Editor's note: This piece was originally published on 17 November, 2015. In light of the truck attack in Nice, France, we are republishing this article.
Brussels: Prosecutors on Sunday disclosed a growing Belgian connection to the Paris attacks as Premier Charles Michel conceded that a Brussels neighbourhood is a "gigantic problem" given its past links to international terrorism.
Belgian prosecutors cooperating with their French counterparts said two assailants killed in Friday's attacks were Frenchmen who had lived in Brussels, that two cars tied to the attacks found in Paris were rented in Belgium, and Belgian police have detained seven people.
At least one of the dead assailants and five of the people arrested in raids Saturday had spent time in the poor immigrant Brussels district of Molenbeek, officials said.
Belgium also issued an international warrant for the arrest of Salah Abdeslam, who lived in Molenbeek, while his brother Mohammed, who was arrested in this neighbourhood while returning from Paris, is still in custody, officials said.
A third brother Brahim died after having set off his explosives-laden suicide belt near a cafe in Paris' 11th district, investigators said.
The trail led to the three brothers following the discovery of two cars registered in Belgium, one of them near the Bataclan concert hall where 89 people were gunned down, and the other in a Paris suburb, Belgian prosecutors said.
The results of the probe so far highlight how Molenbeek has for two decades lodged Islamist extremists who have fought or supported wars in Algeria, Afghanistan and Bosnia as well as in Syria and Iraq, analyst Claude Moniquet told AFP.
"It's not the only one in Belgium, it is certainly not the only one in Europe, but it is a hotbed for jihadism," Moniquet said.
Belgium as a whole has spawned nearly 500 jihadists for Syria and Iraq from a population of only 11 million — the highest figure per capita in the European Union, security services said.
What is striking is that Belgium and more specifically Molenbeek remain a haven for extremists despite the toughening of anti-terrorist legislation as well as the dismantling of recruitment networks since the 1990s.
"Europe no longer has borders and it is therefore logical that (extremists) benefit too," Brussels mayor Yvan Mayeur said Sunday.
"But we must stop being a base for those who make war in Europe," he said.
Molenbeek, where a large Muslim community lives, including a radical minority, is more than ever in the eye of the storm.
"Among this small minority, there are figures known at the European and international levels," according to Moniquet, CEO of the Brussels-based European Strategic Intelligence and Security Center.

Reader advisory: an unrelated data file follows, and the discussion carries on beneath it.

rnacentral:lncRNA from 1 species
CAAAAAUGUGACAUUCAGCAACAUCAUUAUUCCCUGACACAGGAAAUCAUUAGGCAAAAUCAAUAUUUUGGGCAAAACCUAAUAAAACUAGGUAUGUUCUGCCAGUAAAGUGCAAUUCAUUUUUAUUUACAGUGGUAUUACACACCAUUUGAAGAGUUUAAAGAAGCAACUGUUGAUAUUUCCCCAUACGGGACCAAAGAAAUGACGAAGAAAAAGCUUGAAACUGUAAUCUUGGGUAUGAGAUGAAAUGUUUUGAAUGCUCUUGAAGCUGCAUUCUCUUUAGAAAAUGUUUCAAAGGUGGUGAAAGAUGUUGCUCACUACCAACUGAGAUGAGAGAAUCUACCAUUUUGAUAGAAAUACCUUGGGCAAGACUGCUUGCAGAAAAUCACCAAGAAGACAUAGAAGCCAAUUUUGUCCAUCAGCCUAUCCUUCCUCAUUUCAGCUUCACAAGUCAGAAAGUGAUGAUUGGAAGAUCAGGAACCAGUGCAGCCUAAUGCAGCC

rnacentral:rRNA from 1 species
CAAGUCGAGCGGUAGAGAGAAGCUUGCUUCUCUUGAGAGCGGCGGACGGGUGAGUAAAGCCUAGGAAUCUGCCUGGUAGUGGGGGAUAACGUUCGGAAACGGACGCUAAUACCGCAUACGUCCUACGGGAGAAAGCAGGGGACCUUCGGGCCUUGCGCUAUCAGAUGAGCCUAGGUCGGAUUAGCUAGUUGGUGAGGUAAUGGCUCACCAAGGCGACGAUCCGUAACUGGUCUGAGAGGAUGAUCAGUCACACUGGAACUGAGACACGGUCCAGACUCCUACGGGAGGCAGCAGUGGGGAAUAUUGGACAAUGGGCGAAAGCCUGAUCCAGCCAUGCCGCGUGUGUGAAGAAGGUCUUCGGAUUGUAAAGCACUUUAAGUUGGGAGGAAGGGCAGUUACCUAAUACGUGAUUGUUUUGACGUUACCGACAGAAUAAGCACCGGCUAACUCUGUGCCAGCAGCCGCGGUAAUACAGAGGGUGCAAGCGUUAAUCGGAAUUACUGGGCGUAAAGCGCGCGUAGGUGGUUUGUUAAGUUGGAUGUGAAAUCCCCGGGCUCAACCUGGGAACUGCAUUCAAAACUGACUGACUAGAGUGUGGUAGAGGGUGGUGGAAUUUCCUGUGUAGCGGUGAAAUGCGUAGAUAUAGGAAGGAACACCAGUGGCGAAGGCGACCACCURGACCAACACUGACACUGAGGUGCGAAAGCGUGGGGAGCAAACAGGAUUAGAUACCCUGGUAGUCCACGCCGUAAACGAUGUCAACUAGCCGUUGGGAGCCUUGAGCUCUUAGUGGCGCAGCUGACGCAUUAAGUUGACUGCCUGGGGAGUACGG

They lure people online, he added, comparing the neighbourhood's jihadist influence to that of Finsbury Park in London about 15 years ago.
Part of the reason Molenbeek became such a hotbed is because local politicians failed for years to face up to extremism in order to keep "social peace" and continue getting elected, Moniquet said.
Belgium's Premier Michel acknowledged the problem on Sunday.
"I have noticed there is almost always a link to Molenbeek, that there is a gigantic problem there," he said.
"In the last few months, many initiatives have been launched in the fight against radicalisation, but there should be a greater crackdown," Michel added.
"We are going to work more intensely with the local authorities. The federal government is ready to provide more means."
In 2001, it was in Molenbeek where the assassins of Afghanistan's anti-Taliban commander Ahmad Shah Massoud had stayed.
It was also home for a while for Hassan El Haski, who was found guilty of being one of the masterminds of the 2004 Madrid train bombings.
Mehdi Nemmouche, the main suspect in the Jewish Museum attack in Brussels in May last year, also stayed there.
Ayoub El Khazzani, the perpetrator of the foiled attack in August on the Paris-bound train from Amsterdam, stayed in Molenbeek with his sister before boarding the locomotive in Brussels.
Belgian authorities have also established links with the jihadist cell that police smashed in the eastern Belgian city of Verviers in January.
"They do not all come from here, and most of the time, they are just travelling through," according to Molenbeek Mayor Francoise Schepmans, a member of Michel's liberal party MR.
"In some districts, the population is very dense, with 80 percent of the people of north African origin. Anonymity is easier for people passing through with very bad intentions," she said.
"They also land in districts which are breeding grounds for radicalisation," she said, before taking a dig at her socialist predecessor: "One should have been firmer from the start."